#939 Ever by Gail Carson Levine

Ever by Gail Carson Levine

Ever by Gail Carson Levine

Kezi lives with her mother and father. She’s an only child, they worship the one true God. There’s an altar in their home dedicated to this god.

She does not know that other Gods exist, including one around her age named Olus. He happens to raise goats on land leased from Kezi’s father. He is the god of wind and loneliness. He has a special interest in Kezi.

One day, Kezi’s mother falls terribly ill and the local medicine man just wants to let her blood and doesn’t give a lot of hope. Kezi’s father makes an oath to their god. He swears that if his wife recovers, he will sacrifice whoever, if anybody, congratulates him on his wife’s recovery.

She does get better and no one wishes congratulations until an elderly aunt comes by. Kezi knows what will happen, so she wishes her father congratulations instead. She must die.

There are thirty days left in Kezi’s life, but she runs into Olus and he whisks her away. He tells her that perhaps she could become a goddess. She would have to become a heroine and pass a test. Could Kezi complete this task? Could she stay with Olus forever?

What I liked

This story was fun. I like the idea of being with someone forever. I believe we do go on after this life. I would like to think we can keep the relationships we have.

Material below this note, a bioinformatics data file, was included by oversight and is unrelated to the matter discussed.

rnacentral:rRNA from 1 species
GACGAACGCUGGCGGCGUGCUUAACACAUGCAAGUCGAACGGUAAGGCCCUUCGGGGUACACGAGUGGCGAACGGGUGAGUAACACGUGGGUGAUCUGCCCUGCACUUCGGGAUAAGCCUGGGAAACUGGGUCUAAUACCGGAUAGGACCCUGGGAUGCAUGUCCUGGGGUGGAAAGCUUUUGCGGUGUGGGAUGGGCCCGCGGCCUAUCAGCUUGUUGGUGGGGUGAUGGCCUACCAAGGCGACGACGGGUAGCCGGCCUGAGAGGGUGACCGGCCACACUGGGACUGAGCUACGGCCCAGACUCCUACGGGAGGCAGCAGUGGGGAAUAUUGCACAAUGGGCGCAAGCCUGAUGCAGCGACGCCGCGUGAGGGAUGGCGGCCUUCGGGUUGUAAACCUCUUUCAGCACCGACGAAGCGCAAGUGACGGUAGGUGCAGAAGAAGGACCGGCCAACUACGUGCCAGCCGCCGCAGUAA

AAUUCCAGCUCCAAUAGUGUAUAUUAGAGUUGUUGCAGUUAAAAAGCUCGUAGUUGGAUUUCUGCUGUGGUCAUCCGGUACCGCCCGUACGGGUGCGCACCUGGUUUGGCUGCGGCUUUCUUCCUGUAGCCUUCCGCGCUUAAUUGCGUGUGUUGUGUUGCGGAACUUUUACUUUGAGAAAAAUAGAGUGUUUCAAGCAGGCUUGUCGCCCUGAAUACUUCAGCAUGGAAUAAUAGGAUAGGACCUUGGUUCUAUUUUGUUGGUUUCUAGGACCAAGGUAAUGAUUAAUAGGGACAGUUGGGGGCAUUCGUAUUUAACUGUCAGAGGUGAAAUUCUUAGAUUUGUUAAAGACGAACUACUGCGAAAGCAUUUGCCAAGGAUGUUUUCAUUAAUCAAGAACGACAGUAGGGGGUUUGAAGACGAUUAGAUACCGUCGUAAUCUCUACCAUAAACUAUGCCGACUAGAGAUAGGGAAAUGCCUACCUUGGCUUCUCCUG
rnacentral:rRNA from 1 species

I really have no knowledge of other God’s existing, but it’s kind of fun to think about, at least in the mythology sense.

What I didn’t like

This is kind of Twilight.


If only we could all be rescued from life by some immortal being…*sigh* *teenage love ideals*

Weigh in

If some immortal dude asked you to go with him and leave everything behind, would you?

Would you offer yourself so someone else wouldn’t have to die?

#939 Ever by Gail Carson Levine was originally published on One-elevenbooks


#733 Middle School The Worst Years of my Life by James Patterson and Chris Tebbetts

Middle School The Worst Years of my Life by James Patterson and Chris TebbettsMiddle School The Worst Years of my Life by James Patterson and Chris Tebbetts

Rafe is at a new middle school. He has a plan though. He has this notebook he’s been working on. He wants to break every school rule, every single one. Things aren’t going so great in his home life. There’s a guy named Bear that lives at his house with his mother and his sister. Rafe doesn’t like Bear very much. He sells Bear’s secret stash of sodas at school.

The plan goes. Rafe is late. He streaks through the hallways. He graffitis the walls. He gets bad grades. He gets in school suspension. He knocks things over. He does this and he does that. He makes fun of Shakespeare.

Things just get out of control. Rafe gets a tutor and tries for a bit, but it doesn’t seem to matter. Meanwhile, things at home seem to have come to a point where there needs to be a come to Jesus meeting.